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withe

[with, with, wahyth] /wɪθ, wɪð, waɪð/
noun
1.
a willow twig or osier.
2.
any tough, flexible twig or stem suitable for binding things together.
3.
an elastic handle for a tool, to lessen shock occurring in use.
4.
a partition dividing flues of a chimney.
verb (used with object), withed, withing.
5.
to bind with withes.
Origin
1000
before 1000; Middle English, Old English withthe; akin to Old Norse vīthir withy, Gothic kunawida chain, Latin viēre to weave together
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Based on the Random House Dictionary, © Random House, Inc. 2014.
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British Dictionary definitions for withe

withe

/wɪθ; wɪð; waɪð/
noun
1.
a strong flexible twig, esp of willow, suitable for binding things together; withy
2.
a band or rope of twisted twigs or stems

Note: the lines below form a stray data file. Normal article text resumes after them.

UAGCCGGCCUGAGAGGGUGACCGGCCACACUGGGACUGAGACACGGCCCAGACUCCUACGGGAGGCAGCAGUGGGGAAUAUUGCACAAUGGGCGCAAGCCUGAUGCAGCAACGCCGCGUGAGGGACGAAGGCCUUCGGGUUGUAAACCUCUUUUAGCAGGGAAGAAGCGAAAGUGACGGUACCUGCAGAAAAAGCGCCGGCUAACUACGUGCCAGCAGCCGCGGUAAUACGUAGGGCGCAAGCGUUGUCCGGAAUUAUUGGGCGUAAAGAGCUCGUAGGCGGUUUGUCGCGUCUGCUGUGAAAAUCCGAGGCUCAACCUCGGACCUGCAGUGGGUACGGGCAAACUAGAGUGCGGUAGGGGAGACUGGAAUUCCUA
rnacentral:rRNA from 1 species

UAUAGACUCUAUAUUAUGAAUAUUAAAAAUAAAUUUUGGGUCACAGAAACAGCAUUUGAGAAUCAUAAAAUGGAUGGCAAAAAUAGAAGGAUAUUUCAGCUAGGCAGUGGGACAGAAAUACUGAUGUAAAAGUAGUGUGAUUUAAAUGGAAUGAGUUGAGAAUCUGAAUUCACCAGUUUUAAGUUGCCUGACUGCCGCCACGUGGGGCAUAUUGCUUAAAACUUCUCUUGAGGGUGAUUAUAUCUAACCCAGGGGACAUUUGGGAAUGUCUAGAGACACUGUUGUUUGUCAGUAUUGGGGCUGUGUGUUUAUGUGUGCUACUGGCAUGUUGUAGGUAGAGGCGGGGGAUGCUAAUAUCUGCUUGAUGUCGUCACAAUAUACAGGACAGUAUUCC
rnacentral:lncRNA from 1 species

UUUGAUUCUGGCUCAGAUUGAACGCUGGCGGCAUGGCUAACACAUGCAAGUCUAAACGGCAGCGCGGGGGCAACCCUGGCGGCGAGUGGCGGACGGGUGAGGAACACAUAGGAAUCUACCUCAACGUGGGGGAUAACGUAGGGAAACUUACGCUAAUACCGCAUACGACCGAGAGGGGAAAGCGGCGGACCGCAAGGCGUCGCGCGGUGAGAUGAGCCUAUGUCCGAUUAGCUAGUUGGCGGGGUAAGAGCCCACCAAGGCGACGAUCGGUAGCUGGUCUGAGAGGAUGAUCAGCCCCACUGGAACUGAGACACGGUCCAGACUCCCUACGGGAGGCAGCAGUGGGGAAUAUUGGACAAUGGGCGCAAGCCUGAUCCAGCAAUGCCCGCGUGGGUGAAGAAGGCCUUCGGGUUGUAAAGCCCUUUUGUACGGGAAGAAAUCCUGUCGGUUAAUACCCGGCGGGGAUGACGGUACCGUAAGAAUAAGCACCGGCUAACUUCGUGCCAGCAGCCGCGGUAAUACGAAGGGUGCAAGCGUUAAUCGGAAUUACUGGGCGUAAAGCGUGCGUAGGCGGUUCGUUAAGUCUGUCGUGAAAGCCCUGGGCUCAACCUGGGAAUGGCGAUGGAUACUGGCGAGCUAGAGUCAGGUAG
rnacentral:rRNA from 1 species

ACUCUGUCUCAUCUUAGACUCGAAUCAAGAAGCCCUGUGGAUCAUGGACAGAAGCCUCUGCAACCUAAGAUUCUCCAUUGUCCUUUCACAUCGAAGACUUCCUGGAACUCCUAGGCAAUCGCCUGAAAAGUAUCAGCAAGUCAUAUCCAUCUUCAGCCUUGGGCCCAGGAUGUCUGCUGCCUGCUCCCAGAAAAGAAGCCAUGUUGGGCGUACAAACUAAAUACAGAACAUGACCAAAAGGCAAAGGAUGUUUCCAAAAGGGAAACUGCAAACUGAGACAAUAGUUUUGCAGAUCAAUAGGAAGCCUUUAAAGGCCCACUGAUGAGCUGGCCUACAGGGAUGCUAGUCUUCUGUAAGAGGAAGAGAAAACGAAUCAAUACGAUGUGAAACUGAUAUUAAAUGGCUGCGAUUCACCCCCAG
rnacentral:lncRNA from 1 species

3.
a handle made of elastic material, fitted on some tools to reduce the shock during use
4.
a wall with a thickness of half a brick, such as a leaf of a cavity wall, or a division between two chimney flues
verb
5.
(transitive) to bind with withes
Word Origin
Old English withthe; related to Old Norse vithja, Old High German witta, widi, Gothic wida
Collins English Dictionary - Complete & Unabridged 2012 Digital Edition
© William Collins Sons & Co. Ltd. 1979, 1986 © HarperCollins
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Word Origin and History for withe
n.

Old English wiððe "twisted cord, willow twig" (see withy).

Online Etymology Dictionary, © 2010 Douglas Harper
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11
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